6. Important Documents – Any legal or other important documents you have should be noted in the file. This includes deeds, birth certificates, Social Security cards and titles.
  7. Legacy Letters – Since the intention behind the Legacy Drawer is to keep your legacy going after you've passed away, it's a great idea to include letters to your loved ones.
  8. Monthly Budget – Add a copy of your written budget, so your spouse or loved ones know how to operate your household once you're gone. This will help your family keep track of bills and focus on more important things.
  9. Tax Returns – Keeping tax returns in your Legacy Drawer is like an insurance policy for yourself in the event that you get audited from the IRS. Hopefully you never have to pull them out, but if you do, at least you are prepared.
  10. Safe Deposit Box – Keep copies of all your Legacy Drawer papers in a safe deposit box—you can never be too careful. Include information in your Legacy Drawer on where your safe deposit box is and who has access to it.
  11. Passwords – Write down all passwords, combinations, usernames and PIN numbers. This information allows your loved ones access to any documents, money or information that is left when you are gone.
If you put your mind to it, you can create your Legacy Drawer in 30 days! It's tedious to gather all of the documents and paperwork that goes into the drawer, but it's a necessary task in order to protect you and your family.


Monday, July 21, 2014

1st day back at work

Today was hard. My girl, Lady B, called me at 7am. 7am phone ringing generally means a call from dad. Today, I knew it wasn't him.

Went to work just sad.

Spoke to a former client this afternoon. He reminds me of my dad in ways-- always talking about the Bible, served in Germany, takes on his daughter's worries as his own. It was a bittersweet call. I'm glad that he and his daughter are able to be close. I listened to him and grieved my own.

I blasted Nirvana's Nevermind on my way towards the house.

Now, it is time for bed. Good night.

Friday, July 18, 2014

life unfolding

I don't have time to really bring you up to speed so here's me jumping into the whirlwind of life recently.

Last week, my dad died. Found his body on Tuesday; think he died on Monday. Last saw him that Sunday night. :(

Tuesday- dad's funeral.

Wednesday- woke up feeling better than I did. Perhaps the burial is the beginning of healing? But then....

Wednesday- family drama began. Dad's side. I'll call them FM & JW. They lured me to my dad's house after I told them I was handling something else at the time. Falsely reported that I was being robbed so of course, police were called.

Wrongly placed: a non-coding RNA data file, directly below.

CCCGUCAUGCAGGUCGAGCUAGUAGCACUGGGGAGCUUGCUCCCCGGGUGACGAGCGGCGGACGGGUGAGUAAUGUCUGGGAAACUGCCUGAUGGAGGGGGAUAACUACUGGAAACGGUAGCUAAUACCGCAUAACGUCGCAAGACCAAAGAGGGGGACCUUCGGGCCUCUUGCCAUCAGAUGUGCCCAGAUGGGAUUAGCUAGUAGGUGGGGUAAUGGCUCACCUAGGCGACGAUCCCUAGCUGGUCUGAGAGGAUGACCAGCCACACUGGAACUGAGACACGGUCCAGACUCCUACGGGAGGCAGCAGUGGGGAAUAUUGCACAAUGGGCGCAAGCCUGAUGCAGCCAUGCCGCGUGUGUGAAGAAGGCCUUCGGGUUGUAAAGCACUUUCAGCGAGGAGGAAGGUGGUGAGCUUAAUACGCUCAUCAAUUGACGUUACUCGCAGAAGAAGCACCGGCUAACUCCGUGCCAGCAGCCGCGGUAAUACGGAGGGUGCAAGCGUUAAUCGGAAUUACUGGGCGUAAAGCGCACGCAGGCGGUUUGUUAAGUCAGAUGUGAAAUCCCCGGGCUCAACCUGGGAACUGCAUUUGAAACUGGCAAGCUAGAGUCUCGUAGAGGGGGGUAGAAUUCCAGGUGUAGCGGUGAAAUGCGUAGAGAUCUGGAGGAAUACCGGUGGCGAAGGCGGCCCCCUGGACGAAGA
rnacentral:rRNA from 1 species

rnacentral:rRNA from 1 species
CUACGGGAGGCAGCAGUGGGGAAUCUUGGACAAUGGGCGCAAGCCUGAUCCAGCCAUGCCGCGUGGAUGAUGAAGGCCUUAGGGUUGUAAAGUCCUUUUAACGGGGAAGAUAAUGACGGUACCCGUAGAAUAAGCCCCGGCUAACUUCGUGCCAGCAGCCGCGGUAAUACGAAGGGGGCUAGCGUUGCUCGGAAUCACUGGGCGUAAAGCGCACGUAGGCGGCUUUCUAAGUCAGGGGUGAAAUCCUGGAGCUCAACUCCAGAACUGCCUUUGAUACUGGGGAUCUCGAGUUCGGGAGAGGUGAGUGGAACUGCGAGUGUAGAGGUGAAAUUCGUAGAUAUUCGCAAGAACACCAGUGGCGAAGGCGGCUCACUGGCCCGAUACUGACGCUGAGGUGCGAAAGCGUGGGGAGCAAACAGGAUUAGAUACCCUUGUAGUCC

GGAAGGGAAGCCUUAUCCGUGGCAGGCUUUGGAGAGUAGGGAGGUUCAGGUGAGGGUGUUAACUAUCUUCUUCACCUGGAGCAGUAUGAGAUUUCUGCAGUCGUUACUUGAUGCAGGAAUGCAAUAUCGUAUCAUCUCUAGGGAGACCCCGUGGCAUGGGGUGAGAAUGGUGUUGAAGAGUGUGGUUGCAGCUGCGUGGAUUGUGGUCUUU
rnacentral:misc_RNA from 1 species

Thursday- JM tried to rob me. A car. I called the police. They let him go.

Today (Friday)- I'm taking out a restraining order. Living in a state where close family inspires high blood pressure, high blood sugar, higher levels of pain, shaking (body), racing heart, nausea, and just sadness and disappointment is not okay.

Sunday, June 22, 2014

Memphis church search

One way my behaviors have changed from my new relationship is that I'm *in* church more on Sundays. I didn't make it today due to insufficient planning and communication, but I'm attempting to act from that place of dedication with online church acts. Today's church to visit was going to be Christ City Church. I selected it because I first saw it's sign inside Minglewood Hall, which houses two concert stages, a hookah lounge, and a tattoo parlor. It was the night I went to the Valerie June concert, the night I said, "This church chose to be between a hookah lounge and tattoo parlor; what do they have going on inside?" The Internet tells me that there services are at 10 am on Sundays and it seems they have moved to an elementary school because that location would put them at an intersection of class and race (or something like that). Okay. A vision for diversity? Pro-active steps to diversify? I can still check you out. The location I saw in an arts district-- Broad Avenue-- seems to be their administrative office. Still, location, location; I'm curious. What I don't like is that their ministers/elders are all male. Is that an official stance, Rev. McIntosh? Perhaps time will tell. Perhaps I will never be drawn so strongly that I especially care. This morning, I listened to a podcast where the pastor preaches from my favorite book, James. He definitely took it directions I did not anticipate and I found myself wanting to listen to his full 45 minute (!!wth?!) sermon. A visit is now an objective for July.